This week started of with a memorable experience for our Grietjie students (although not an entirely pleasant one). They were witness to three jackals killing a baby kudu and eating it, while mum was watching in the background. Jackals, like all dogs, are not known for killing quickly and this was the case here as the poor baby kept trying to stand up throughout our sighting. The vultures gathered amazingly soon also considering it was still fairly early in the morning.
Although not a pleasant experience, it was a stark reminder of how cruel nature can be, but without death there can be no life and the circle of life must go round. Other sightings during the week included a large herd of over a hundred elephant, or to be more precise three herds in close proximity.
Meanwhile, the Mahlahla students started the week off with Kruger National Park trips and bush walks. The aim of these trips to our famous National Park, was for an educational talk on the history and management of South Africa’s largest national park from SANParks staff. It was very insightful to be able to get some background and behind the scenes information on management techniques used in the Park – helping us to understand how everything fits in together and how just one species can alter or change a whole ecosystem. Of course, as an added bonus fantastic sightings of elephant and buffalo were had, as well as ground hornbill! These trips were alternated with full day game drives (including morning bush walks) for the remaining students.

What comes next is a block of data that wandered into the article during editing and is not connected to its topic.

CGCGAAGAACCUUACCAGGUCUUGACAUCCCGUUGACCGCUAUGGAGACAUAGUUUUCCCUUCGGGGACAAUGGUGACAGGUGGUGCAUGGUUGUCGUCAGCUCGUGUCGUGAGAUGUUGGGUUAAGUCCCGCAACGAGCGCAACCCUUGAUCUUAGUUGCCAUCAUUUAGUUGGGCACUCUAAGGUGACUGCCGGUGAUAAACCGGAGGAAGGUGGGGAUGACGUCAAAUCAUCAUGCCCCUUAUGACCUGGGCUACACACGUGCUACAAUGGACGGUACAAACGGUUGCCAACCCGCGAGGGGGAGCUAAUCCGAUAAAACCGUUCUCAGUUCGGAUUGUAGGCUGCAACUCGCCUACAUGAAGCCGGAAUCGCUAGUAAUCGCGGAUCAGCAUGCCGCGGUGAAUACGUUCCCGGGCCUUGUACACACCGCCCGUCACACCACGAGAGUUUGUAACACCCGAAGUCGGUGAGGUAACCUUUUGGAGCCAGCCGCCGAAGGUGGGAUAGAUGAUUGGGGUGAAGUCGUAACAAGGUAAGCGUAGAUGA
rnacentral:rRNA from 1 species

Later on in the week, the Grietjie students had an oppourtunity to attend a reserve meeting where they could hear feedback from a well respected ecologist about the state of the vegetation and animal populations on the reserve and learn what he recommends as a way forward with respect to the management policy. This was after a sleep out where the highlight for most, was just being able to enjoy the wide open skies and all the stars (which is such a special bonus in the southern hemisphere!).
The Mahlahla students were focussed on Grass and Geology for the remainder of the week. As most of you might know, geology determines and affects the type of vegetation in an area and in turn dictates the animal species occurring in that specific area. So after a practical session of finding and identifying various samples of rocks, we moved on to identifying a few grass species. As per usual, when you’re not looking for game you are surprised and the sighting of a common reedbuck shortly followed by two male cheetahs and later on, a female with a cub, was a very pleasant surprise indeed!
Until Next Time,
The Bushwise Team
(Thanks to Tracey Bruton for the pics!)